Use this URL to cite or link to this record in EThOS: http://ethos.bl.uk/OrderDetails.do?uin=uk.bl.ethos.564060
Title: The physics of galaxy formation
Author: Lagos-Urbina, Claudia Del Pilar
Awarding Body: Durham University
Current Institution: Durham University
Date of Award: 2012
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Abstract:
We investigate improved, more physical methods for modelling key processes in galaxy formation that take place in the interstellar medium, and study their effects on the observed properties and evolution of galaxies. The topics we investigate are: (i) improvements to the relation between the star formation rates (SFRs) and the cold gas contents of galaxies; (ii) how to predict the atomic and molecular gas masses in galaxies with different properties, (iii) how to predict the emission of widely used molecular tracers, such as carbon monoxide (CO); and (iv) the gas outflows from galaxies driven by supernovae and their dependence on local and global properties of galaxies. We perform these studies using the semi-analytic model of galaxy formation GALFORM, and fully embed our calculations in a cosmological scenario, the Lambda cold dark matter paradigm. This is done with the dual aims of understanding how the physical processes above affect galaxy formation and evolution in a statistical fashion, and to improve and extend the predictive power of galaxy formation models. We find that by calculating the SFR from the molecular gas content and relating the molecular-to-atomic mass ratio in the interstellar medium to the hydrostatic pressure in the midplane of the disk, we can explain the observed atomic gas mass function and clustering of galaxies selected by their atomic hydrogen mass, the SFRs of local and high-redshift galaxies, the evolution of the molecular hydrogen gas fraction and the global atomic hydrogen abundance of the universe, and the local scaling relations between gas contents and other galaxy properties. We also find that by coupling GALFORM with a radiative transfer and interstellar chemistry code describing photon dominated regions, our new model can explain the observed emission of CO from different types of galaxy. Finally, based on a physical description of the dynamical evolution of bubbles created by supernovae in the interstellar medium, we find that the outflow rate driven by supernovae depends strongly on the surface density of gas plus stars and the gas fraction. We critically revise the phenomenological prescriptions widely used to describe supernova feedback in the literature and propose new physically motivated prescriptions.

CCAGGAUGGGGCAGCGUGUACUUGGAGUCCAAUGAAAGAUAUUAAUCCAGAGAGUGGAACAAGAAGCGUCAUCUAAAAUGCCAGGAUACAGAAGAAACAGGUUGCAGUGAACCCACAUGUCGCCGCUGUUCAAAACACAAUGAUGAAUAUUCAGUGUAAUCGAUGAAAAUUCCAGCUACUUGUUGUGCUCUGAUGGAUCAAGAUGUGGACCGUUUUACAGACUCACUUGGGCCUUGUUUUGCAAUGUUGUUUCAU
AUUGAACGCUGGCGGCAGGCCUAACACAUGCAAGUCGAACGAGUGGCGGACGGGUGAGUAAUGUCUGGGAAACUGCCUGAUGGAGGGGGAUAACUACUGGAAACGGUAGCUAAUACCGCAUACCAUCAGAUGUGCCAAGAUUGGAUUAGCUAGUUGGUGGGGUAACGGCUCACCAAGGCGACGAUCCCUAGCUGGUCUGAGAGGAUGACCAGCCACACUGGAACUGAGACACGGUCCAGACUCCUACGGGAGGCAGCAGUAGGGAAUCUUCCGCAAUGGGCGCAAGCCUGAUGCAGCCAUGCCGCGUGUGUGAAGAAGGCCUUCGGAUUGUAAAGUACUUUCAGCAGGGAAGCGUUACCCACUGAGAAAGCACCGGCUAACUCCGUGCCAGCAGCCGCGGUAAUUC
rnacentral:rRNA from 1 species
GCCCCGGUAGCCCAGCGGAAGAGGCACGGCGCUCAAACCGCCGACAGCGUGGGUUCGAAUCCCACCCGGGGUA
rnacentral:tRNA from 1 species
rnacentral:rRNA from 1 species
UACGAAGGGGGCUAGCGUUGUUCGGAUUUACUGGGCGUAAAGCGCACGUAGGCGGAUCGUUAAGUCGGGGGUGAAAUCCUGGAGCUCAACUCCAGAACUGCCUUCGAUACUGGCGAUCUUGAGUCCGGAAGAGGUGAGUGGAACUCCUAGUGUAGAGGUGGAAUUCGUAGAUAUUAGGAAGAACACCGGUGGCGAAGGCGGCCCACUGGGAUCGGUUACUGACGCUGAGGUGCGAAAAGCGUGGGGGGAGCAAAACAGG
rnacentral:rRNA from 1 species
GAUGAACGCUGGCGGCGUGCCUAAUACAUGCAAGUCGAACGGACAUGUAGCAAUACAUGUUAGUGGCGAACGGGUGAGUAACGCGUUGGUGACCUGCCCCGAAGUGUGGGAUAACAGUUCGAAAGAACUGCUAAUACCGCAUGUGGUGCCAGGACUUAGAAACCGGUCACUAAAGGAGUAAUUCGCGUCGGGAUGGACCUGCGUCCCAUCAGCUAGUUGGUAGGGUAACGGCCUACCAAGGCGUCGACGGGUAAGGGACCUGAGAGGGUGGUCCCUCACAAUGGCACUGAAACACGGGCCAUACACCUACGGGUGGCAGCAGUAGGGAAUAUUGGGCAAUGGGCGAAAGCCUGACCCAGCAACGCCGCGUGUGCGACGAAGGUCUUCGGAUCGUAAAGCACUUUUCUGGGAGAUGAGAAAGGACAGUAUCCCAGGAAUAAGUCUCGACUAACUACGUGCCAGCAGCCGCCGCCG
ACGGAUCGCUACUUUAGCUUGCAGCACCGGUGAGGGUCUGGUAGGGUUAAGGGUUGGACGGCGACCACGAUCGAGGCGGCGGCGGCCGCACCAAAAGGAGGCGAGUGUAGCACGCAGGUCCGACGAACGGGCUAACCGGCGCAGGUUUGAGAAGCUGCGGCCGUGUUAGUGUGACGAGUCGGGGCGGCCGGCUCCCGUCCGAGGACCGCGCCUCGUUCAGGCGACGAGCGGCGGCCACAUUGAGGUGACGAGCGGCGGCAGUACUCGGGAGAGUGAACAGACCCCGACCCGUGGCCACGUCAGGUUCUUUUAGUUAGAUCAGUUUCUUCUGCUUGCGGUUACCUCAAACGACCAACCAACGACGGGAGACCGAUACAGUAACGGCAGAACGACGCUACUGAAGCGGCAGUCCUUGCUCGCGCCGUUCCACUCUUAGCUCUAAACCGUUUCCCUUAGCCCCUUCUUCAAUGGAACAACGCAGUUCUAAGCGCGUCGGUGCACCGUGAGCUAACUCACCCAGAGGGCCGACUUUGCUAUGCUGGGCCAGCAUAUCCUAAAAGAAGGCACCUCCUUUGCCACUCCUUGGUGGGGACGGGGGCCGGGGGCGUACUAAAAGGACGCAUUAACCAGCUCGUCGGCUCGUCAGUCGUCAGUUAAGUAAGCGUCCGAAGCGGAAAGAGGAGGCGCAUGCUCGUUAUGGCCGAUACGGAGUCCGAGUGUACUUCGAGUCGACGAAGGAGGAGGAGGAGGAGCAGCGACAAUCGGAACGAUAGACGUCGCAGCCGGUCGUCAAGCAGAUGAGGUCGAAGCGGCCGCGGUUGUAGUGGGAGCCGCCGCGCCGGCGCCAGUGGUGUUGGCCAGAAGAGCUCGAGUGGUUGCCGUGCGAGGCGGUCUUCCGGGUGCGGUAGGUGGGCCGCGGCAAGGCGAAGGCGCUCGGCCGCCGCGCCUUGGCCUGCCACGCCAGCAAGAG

Supervisor: Not available Sponsor: Not available
Qualification Name: Thesis (Ph.D.) Qualification Level: Doctoral
EThOS ID: uk.bl.ethos.564060  DOI: Not available
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